Organising and the Political Base

From the flurry of op-eds lauding people like Glenn Beck and Sarah Palin lately, it almost seems like some folks on the left are jealous of the right’s organising abilities. We’ve got people saying that we need a figure for the left like, say, Sarah Palin, and while it makes me blanch, the idea is worth exploring in a bit more detail, because there’s some important material embedded in these woeful op-eds.

Say what you will about the right, and I say a lot, the right is organised. It’s not just that the right is organised, though, it’s that the right is very good at staying on point and on message. This combination of traits is incredibly powerful in politics not only because it creates a unified party that’s easy for people to support and vote for, but also because it organises and empowers the base. What the right has done with its organising is encourage its very own ‘populist uprising,’ as much as it may stick in your craw to see that term used to refer to the right.

Meanwhile, the left is fractured, scattered, and disorganised. And it shows.

This is not to say that the right is unified. If there’s one thing we are learning from the upswell of the tea party, it’s that the right has some cracks in it. Politicians on the moderate right are not impressed with the tea party and wish it would go away. Meanwhile, tea party supporters refuse to line up behind moderate and mainstream candidates on the right. And, of course, there are segments of the right that would very much like to disavow certain actions on other parts of the right, like the vicious anti-Muslim sentiment being whipped up by people who are very, very good at manipulating words, generating speeches, and mobilising their base.

The right is organised in part because it invests a lot of energy in it. Even the tea party holds leadership conferences and workshops to teach members about community organising, to create unified messages, to generate clear platforms to help people stay on point. I can’t access any of those workshops in this neck of the woods, where the tea party, is, shall we say, not a very big presence, but I’ve read a lot of reports by people who have attended them, and the thing they come away with is a sense of organisation. Tight political focus. Generating a message and sticking with it.

We see this in all political campaigns, of course, left or right, but it seems like the right has mastered the art of developing a very clear, articulate campaign with a few key points and then hammering those points home over and over again. They appear everywhere, in rhetoric, in speeches, on campaign signs. People showing up at things like tea parties are strongly encouraged to stay consistent with their messages; I tend to see the same kinds of sentiments repeating over and over, unlike protests organised by the left, where you have everything from vegans against animal abuse to people protesting the occupation of the Palestinian Territories, at a protest that might be organised for something completely unrelated.

It is this that I have always kind of loved about the left, personally, the complete and utter cacophony of messages, the inability to hold a focus, the tendency to kind of just let people do whatever. And I’m not necessarily sure that we should be envying the right, or looking for a figure to rally around, to accomplish our political goals. Organisation, well, sometimes I think it can be overrated, and I like having room for different ideas, approaches, and goals within the umbrella of the left.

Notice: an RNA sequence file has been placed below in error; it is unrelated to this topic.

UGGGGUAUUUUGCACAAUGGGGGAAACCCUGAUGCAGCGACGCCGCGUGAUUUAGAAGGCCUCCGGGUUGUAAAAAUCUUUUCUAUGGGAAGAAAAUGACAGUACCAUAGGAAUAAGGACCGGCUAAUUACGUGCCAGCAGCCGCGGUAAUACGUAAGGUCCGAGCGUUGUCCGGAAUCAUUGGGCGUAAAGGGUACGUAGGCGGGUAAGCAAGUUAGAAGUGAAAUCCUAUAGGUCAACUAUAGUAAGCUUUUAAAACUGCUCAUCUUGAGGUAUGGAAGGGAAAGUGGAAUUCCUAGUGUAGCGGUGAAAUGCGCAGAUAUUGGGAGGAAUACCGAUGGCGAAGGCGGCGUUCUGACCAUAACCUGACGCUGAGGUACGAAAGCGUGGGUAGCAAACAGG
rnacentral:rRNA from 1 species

But it is important to look at what the right is doing, because what they are doing is starting to become very scary. The people in control, the people generating and building and maintaining the messages, are indeed staying very on point, and what they have to say should terrify you. It’s the right that’s promoting the current furor of sentiment against anyone nonwhite and nonChristian, regardless of citizenship status, although of course especially hateful things are reserved for undocumented immigrants. It is the right that is systemically blocking any attempts at government reform, it is the right that is cultivating a culture of fear and hatred, taking advantage of general social unrest and nervousness about the economy. As economic woes continue, so does the rhetoric of the right playing upon the worst fears of people struggling to make do.

We should study the right’s organisation, not to emulate the model, but to understand more deeply how it works, and to counter it. If we don’t, we may find ourselves in a very unpleasant place. Not just in November, when a landslide for the right is predicted, the inevitable political backlash resulting from a populace that thinks the economy can be blamed on whoever is in office, and not on the people actually obstructing real progress. Not just in two years, when we will be in the throes of another Presidential election with accompanying high flown rhetoric.

Right now. In communities all over this country, where the hateful rhetoric of the right is penetrating, deeply, thanks to the ability to organise around tightly focused messages. Right now, the right is setting up some very bad things, and we may already be reaching the point of no return. Are we ready to give up what progress we have made in the area of social justice and civil rights? Because that is what the right is pushing for, and that is what the right is organising to do, and that’s what is coming to a community near you, if it’s not there already.